The problem with movies where a family is taken hostage or stalked by bad guys is the audience. We viewers are often consistently smarter that the poor shlubs suffering at the hands of the antagonists and what could have been a decent thriller can easily turn into a B-Grade "they-shoulda" Hecklefest film, you know, movies like Unlawful Entry where people do stupid things like leave the gun lying next to the bad guy after takin' 'em out with a rolling pin. Those movies leave the audience to squirm in their seats unable to stop the cliché. Funny Games, on the other hand, is a chilling Austrian suspense thriller about a family heading off the cottage country for a week or two only to be terrorized by a couple of rich brats when they arrive. What sets Funny Games apart from other home invasion / hostage terror flicks is its hyper-realistic nature. Yes, it's brutal and more than qualifies as a Caution Film but writer / director Michael Haneke quite obviously spent much time on the script and the plot development, since, with very few exceptions, we as the audience can enjoy the very logical unfolding of this extreme human drama.
Under the guise of borrowing eggs, two boys begin playing their funny games with Anna, Georg Sr., and their little Georg Jr.. Quickly, both the eggs and their guises are dropped, the man is crippled and the real Hell begins. From there, the thugs step up their threats more and more and we, the audience, see how the poor tormented family handles it. Funny Games may be hard to watch, but it's a quality production and these particular sadists play the part marvellously.

A couple of guys who was up to no good, started makin trouble in my neighborhood!
A couple of guys who was up to no good, started makin trouble in my neighborhood!

Performance: 9 Cinematography: 8 Script: 8 Plot: 9 Mood: 8

Overall Rating: 84% (Join In, Take a Turn)
What's funny about Funny Games, however is that on several occasions Haneke breaks the fourth wall through Paul, the lead assailant. You may love it, you may hate it, but it's unique. My only issue with this technique was how it clashed with the cinematography. I believe that once we know that Paul is aware of us, the visual theme should have shifted more towards the voyeuristic. Instead of seeing the full effect of the tortures taking place at the most horrific moments of the film, we don't get to see it. Rather we follow Paul, played wickedly by Arno Frisch, to the kitchen or are merely shown a close-up of Anna's face when we should be seeing the entire room.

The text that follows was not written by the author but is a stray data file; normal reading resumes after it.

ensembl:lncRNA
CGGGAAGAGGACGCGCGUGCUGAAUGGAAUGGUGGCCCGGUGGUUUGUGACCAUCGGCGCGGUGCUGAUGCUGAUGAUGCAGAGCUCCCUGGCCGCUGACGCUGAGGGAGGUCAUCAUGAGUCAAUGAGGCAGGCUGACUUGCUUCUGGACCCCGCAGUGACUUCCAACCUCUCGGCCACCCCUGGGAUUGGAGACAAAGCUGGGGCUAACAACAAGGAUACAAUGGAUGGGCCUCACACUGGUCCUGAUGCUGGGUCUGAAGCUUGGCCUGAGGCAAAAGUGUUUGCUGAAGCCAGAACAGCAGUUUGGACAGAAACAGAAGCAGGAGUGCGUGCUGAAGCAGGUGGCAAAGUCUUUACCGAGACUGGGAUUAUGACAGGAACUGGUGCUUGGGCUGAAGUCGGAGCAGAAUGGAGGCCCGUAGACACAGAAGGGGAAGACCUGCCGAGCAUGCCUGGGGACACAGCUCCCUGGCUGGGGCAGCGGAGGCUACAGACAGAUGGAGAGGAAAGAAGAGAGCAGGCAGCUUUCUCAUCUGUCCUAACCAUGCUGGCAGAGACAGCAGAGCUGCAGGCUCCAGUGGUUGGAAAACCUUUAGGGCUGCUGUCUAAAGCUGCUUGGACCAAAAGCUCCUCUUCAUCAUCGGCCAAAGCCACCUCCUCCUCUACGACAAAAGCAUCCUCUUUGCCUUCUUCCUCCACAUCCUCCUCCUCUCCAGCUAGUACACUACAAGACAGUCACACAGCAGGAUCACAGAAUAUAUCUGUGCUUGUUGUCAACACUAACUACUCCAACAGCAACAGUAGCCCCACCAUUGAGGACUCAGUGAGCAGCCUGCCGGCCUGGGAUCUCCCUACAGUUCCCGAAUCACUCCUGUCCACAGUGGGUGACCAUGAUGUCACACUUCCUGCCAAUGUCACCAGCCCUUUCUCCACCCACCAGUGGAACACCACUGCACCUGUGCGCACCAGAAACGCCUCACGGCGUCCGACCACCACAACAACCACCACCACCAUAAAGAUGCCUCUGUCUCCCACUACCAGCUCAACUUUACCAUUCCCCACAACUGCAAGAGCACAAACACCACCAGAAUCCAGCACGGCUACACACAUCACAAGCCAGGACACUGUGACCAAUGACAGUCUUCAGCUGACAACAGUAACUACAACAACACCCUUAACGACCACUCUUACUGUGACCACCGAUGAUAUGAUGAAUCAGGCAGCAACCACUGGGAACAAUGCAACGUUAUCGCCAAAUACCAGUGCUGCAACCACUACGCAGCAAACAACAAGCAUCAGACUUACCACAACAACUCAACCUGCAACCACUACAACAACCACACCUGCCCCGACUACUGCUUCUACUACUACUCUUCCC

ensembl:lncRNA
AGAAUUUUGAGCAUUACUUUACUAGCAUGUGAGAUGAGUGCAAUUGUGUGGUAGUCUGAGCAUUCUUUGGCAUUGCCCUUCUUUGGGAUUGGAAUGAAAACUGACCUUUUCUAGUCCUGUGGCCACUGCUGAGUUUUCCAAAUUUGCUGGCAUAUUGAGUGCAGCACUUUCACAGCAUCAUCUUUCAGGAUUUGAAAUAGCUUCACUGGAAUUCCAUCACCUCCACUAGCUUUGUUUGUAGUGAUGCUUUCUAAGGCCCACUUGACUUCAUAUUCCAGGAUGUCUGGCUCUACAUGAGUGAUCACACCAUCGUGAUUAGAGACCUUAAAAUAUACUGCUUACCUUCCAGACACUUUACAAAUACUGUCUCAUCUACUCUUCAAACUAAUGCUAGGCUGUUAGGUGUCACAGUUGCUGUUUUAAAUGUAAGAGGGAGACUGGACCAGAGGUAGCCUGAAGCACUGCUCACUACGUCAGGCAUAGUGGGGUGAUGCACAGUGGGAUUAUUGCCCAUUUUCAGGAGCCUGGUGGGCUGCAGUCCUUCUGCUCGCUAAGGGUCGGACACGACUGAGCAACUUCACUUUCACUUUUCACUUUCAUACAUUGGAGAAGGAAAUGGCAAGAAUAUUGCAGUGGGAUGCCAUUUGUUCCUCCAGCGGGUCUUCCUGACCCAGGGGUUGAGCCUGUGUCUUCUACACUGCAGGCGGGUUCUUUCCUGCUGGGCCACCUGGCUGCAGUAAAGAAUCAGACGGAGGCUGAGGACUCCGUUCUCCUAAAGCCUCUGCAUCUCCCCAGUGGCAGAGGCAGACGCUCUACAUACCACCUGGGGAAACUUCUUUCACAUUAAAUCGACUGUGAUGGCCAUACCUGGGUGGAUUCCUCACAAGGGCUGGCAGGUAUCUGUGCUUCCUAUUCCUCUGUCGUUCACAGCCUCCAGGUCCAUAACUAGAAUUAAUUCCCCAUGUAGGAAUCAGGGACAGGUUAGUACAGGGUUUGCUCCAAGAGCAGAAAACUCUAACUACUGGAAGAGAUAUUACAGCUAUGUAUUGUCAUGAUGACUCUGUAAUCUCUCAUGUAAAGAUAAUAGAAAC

Damn. Just as I'd done with Salo, I think I just explained the reason it's shot that way. Paul is quite a blasé individual, and it's apparent that his interest in the funny games they play might even border on boredom. Add a cinematography that helps the fact and we get a better sense of his character. In fact, it makes what torment they cause to our family just that much worse. Creepy. 

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The reason the camera doesn't include the violence is just another tactic Haneke uses to shame the audience into realizing we want to SEE the violence.

Oh, really? I like that. If that's true, it's brilliant!

I believe we don't need to see the violence, it just degrades the movie into one more slasher porn flick EG Hostel 73 or Saw 907. It's far more effective being off camera.


Well said, and I believe you mean Saw 908 3D!

Honestly I liked the movie but the breaking of the forth wall kinda ruined it in terms of the story. I believe the breaking of the fourth wall should always be used as satire or to just make fun of other thing like that. But if the idea is to caution people and show that people rely to much and the visual violence then again that is just a little bit lost by the fourth wall.

Yep, the breaking of the 4th wall in this film was the laziest bit of filmmaking I've seen in ages. And as for being original...come on there wasn't a person watching who wouldn't have groaned when Paul first did it. Ruined the movie.